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All experiments in Photon satellite successfully completed but for one with geckos

Geckos died due to low-temperature-caused decrease in metabolic rates entailing inability to digest food

MOSCOW, September 02. /ITAR-TASS/. All experiments aboard Russia’s Photon-M satellite that landed on Monday were completed successfully but for the one with geckos, Vladimir Sychev, a deputy director of the Russian Academy of Sciences’ Institute of Medico-Biological Problems, told ITAR-TASS on Tuesday. 

“We had more than 20 experiments. All were successful, except the one with geckos. Since all the planned experiments aboard the Photon were completed, we decided to land the spacecraft earlier than scheduled - on September 1, instead of September 15,” he said, adding that experiments with fruit flies and Bioelectricity, Meteor and some other experiments were expected to yield very important results.

The Photon-M4 satellite was launched on July 19, 2014 from the Baikonur space centre in Kazakhstan. The spacecraft carried specimens for research of the biological effects of zero gravity and cosmic radiation. The specimens included geckos, silkworm eggs, dried seeds, fruit flies, and mushrooms, and 22 sets of research equipment. Several hours after the blastoff, the control communication with Photon-M was disrupted, although the spacecraft continued to transmit telemetric information. It took seven days to restore communication with the spacecraft. The Institute of Medico-Biological Problems said after the control loss incident that it did not affect in any way the onboard life support system and the programme of automatic experiments.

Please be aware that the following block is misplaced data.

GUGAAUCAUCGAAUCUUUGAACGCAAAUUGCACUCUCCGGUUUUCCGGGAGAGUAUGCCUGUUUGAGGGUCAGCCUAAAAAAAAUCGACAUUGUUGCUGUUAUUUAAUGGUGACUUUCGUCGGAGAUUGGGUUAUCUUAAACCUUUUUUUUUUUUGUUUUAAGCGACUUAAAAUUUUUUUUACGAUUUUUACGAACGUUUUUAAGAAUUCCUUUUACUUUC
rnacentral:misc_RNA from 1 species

The Photon re-entry capsule safely landed on September 1 in Russia’s Orenburg region. All the geckos aboard it died although fruit flies and microorganisms survived. It was reported earlier that Russia’s Federal Space Agency (Roscosmos) would set up a special commission to probe into the death of the geckos.

Earlier on Tuesday, Sychev said the geckos aboard the satellite had died due to low-temperature-caused decrease in metabolic rates entailing inability to digest food. He said the temperature factor of the geckos’ death was unquestionable but the reptiles had not get frozen to death. “Geckos cannot get frozen to death, they are cold-blooded animals. But their digestion depends much on air temperature. If it is not high enough, food is not digested,” he said.

Temperature aboard the satellite dropped on August 8 but it is next to impossible to say when exactly the geckos died, since video recording had stopped on August 5, he said, adding however that when planning the Photon programme, specialists had feared overheating. “Taking these consideration into account, the system of thermoregulation was somewhat adjusted. It was planned that temperatures inside the spacecraft would vary in a range from 20 to 26 degrees centigrade, but at some point the temperature dropped down to 15 degress,” Sychev noted.